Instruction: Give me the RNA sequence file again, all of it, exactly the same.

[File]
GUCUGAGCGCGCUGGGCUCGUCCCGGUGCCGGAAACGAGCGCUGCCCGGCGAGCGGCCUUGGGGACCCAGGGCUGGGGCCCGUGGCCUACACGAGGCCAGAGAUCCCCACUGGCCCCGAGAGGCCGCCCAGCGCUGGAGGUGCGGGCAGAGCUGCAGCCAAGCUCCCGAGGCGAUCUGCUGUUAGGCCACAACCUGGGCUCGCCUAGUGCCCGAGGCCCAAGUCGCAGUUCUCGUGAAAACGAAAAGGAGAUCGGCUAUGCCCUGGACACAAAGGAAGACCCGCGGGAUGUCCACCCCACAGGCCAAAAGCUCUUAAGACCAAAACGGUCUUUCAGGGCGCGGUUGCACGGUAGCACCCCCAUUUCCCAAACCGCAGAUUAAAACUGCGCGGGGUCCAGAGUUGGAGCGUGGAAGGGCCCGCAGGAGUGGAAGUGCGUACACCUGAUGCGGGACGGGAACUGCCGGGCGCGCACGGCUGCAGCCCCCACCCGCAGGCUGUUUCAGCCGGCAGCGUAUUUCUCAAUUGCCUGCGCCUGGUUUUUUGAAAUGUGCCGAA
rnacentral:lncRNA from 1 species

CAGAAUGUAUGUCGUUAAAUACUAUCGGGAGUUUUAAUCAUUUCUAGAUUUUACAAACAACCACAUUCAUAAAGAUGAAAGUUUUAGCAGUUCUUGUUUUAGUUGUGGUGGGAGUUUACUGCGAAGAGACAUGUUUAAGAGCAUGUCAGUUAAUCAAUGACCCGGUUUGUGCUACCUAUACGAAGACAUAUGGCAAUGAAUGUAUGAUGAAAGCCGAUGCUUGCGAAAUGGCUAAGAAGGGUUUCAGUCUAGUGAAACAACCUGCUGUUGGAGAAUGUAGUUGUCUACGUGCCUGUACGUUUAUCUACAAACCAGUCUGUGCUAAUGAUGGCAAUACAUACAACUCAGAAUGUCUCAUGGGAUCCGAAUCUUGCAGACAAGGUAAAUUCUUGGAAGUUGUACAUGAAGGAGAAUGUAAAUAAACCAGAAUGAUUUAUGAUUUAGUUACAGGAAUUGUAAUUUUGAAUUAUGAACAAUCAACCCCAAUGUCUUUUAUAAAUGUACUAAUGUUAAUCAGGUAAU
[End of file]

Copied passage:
GUCUGAGCGCGCUGGGCUCGUCCCGGUGCCGGAAACGAGCGCUGCCCGGCGAGCGGCCUUGGGGACCCAGGGCUGGGGCCCGUGGCCUACACGAGGCCAGAGAUCCCCACUGGCCCCGAGAGGCCGCCCAGCGCUGGAGGUGCGGGCAGAGCUGCAGCCAAGCUCCCGAGGCGAUCUGCUGUUAGGCCACAACCUGGGCUCGCCUAGUGCCCGAGGCCCAAGUCGCAGUUCUCGUGAAAACGAAAAGGAGAUCGGCUAUGCCCUGGACACAAAGGAAGACCCGCGGGAUGUCCACCCCACAGGCCAAAAGCUCUUAAGACCAAAACGGUCUUUCAGGGCGCGGUUGCACGGUAGCACCCCCAUUUCCCAAACCGCAGAUUAAAACUGCGCGGGGUCCAGAGUUGGAGCGUGGAAGGGCCCGCAGGAGUGGAAGUGCGUACACCUGAUGCGGGACGGGAACUGCCGGGCGCGCACGGCUGCAGCCCCCACCCGCAGGCUGUUUCAGCCGGCAGCGUAUUUCUCAAUUGCCUGCGCCUGGUUUUUUGAAAUGUGCCGAA
rnacentral:lncRNA from 1 species

CAGAAUGUAUGUCGUUAAAUACUAUCGGGAGUUUUAAUCAUUUCUAGAUUUUACAAACAACCACAUUCAUAAAGAUGAAAGUUUUAGCAGUUCUUGUUUUAGUUGUGGUGGGAGUUUACUGCGAAGAGACAUGUUUAAGAGCAUGUCAGUUAAUCAAUGACCCGGUUUGUGCUACCUAUACGAAGACAUAUGGCAAUGAAUGUAUGAUGAAAGCCGAUGCUUGCGAAAUGGCUAAGAAGGGUUUCAGUCUAGUGAAACAACCUGCUGUUGGAGAAUGUAGUUGUCUACGUGCCUGUACGUUUAUCUACAAACCAGUCUGUGCUAAUGAUGGCAAUACAUACAACUCAGAAUGUCUCAUGGGAUCCGAAUCUUGCAGACAAGGUAAAUUCUUGGAAGUUGUACAUGAAGGAGAAUGUAAAUAAACCAGAAUGAUUUAUGAUUUAGUUACAGGAAUUGUAAUUUUGAAUUAUGAACAAUCAACCCCAAUGUCUUUUAUAAAUGUACUAAUGUUAAUCAGGUAAU